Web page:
Friday, August 5, 2011


No, don't be surprised, no woodcock would turn up in Kyushu during mid summer of course. These are some old photos I took in March. After I came back from Thailand during the spring vacation, I brought my 550D out and wandered around Asami 3 Chou-me. It was March 31. I was trying to get photos of a pair of Brown Dipper, which was nesting in a small hole on the upper stream of Oyukaeri-gawa. However, the birds were extremely shy and I couldn't even get a single shot. Then I luckily came across Furuso-san and we shared some new information about birds in Beppu. She told me that there are 2 Eurasian Woodcocks (Scolopax rusticola) staying in a small neglected area next to the car park behind Shiragiku Hotel near Beppu Park. She said that they had been there for over a month. I looked at the time and saw that we still had some time left before sunset, so I headed there with the lead of Furuso-san.

Eurasian Woodcock (Scolopax rusticola)
As we arrived at the place, I almost couldn't believe how close they live with human. In Thailand, woodcocks are extremely scarce. They can only be found in montane evergreen forest with marshy area far away from human. Here, we could watch it even from the busy roadside. Furuso-san quickly scanned the area and caught a single bird sleeping at its usual spot. She said the birds always stayed close to the white plastic bag, so it wasn't too difficult to find. Unfortunately, there was only one bird showing up that day. She showed me photos that she took the other day where 2 birds can be seen sitting close to each other. There's a white fence that separated the area where the bird was and the street. We first watched it from behind the fence, but then I tried walking in to get some better shots without the fence getting in the way of my camera. However, the bird suddenly flew off as I stepped over the fence. I then sat down and waited behind a big tree hoping that it'll come back again. The sun slowly set behind Mt. Tsurumi and I was about to give up, when I heard a cracking sound of dry leaves. I looked around and suddenly the same woodcock finally showed up. It came running from behind the dune and stopped right in front of me. It quickly walked into the shadow. All I could do was waiting, so I waited and waited, until it finally came out of the shadow and walked into the warm evening light, probing its long beak into the soft soil looking for food. Though I could only get a few shots of it under the light, and it didn't turn up again on the next day, I was really satisfied with the result. Furuso-san spotted the bird again few days later before it disappeared with all the other winter migrants. I hope that they'll come back to use this roosting area again next season.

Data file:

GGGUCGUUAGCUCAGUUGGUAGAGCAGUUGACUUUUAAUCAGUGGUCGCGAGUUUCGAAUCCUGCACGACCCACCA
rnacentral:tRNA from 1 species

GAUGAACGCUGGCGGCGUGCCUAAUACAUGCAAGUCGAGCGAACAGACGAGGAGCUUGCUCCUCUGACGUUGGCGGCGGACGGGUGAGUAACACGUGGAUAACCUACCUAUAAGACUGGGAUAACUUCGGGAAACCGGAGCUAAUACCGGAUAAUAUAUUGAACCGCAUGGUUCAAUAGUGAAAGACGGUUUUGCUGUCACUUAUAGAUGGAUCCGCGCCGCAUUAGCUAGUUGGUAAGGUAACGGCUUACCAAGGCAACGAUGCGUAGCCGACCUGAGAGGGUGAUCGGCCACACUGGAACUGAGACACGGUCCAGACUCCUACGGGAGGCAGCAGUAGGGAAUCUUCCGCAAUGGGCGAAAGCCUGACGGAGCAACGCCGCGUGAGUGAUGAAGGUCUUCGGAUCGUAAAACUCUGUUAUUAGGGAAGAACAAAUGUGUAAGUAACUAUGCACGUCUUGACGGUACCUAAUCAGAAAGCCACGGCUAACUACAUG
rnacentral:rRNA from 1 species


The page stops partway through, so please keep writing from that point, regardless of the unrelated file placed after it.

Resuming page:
Love the pattern on the back of its head!


Phil said...

I liked the Woodcock story. Amazing how the birds returned to exactly the same spot and how urban they are. They can turn up in urban UK, but only after very cold weather when they resort to looking in frost free gardens for food.

Anonymous said...

So well camoflaged but such a cute shape and beautiful colours. They look difficult to find but they are distinctive in your beautiful photos. Russell

Ayuwat Jearwattanakanok said...

Thanks a lot, Phil and Russell!
Guess it's much easier to see woodcock over there in the UK than here.

Mark Young said...

That Woodcock would be easy to miss! Nice images as usual.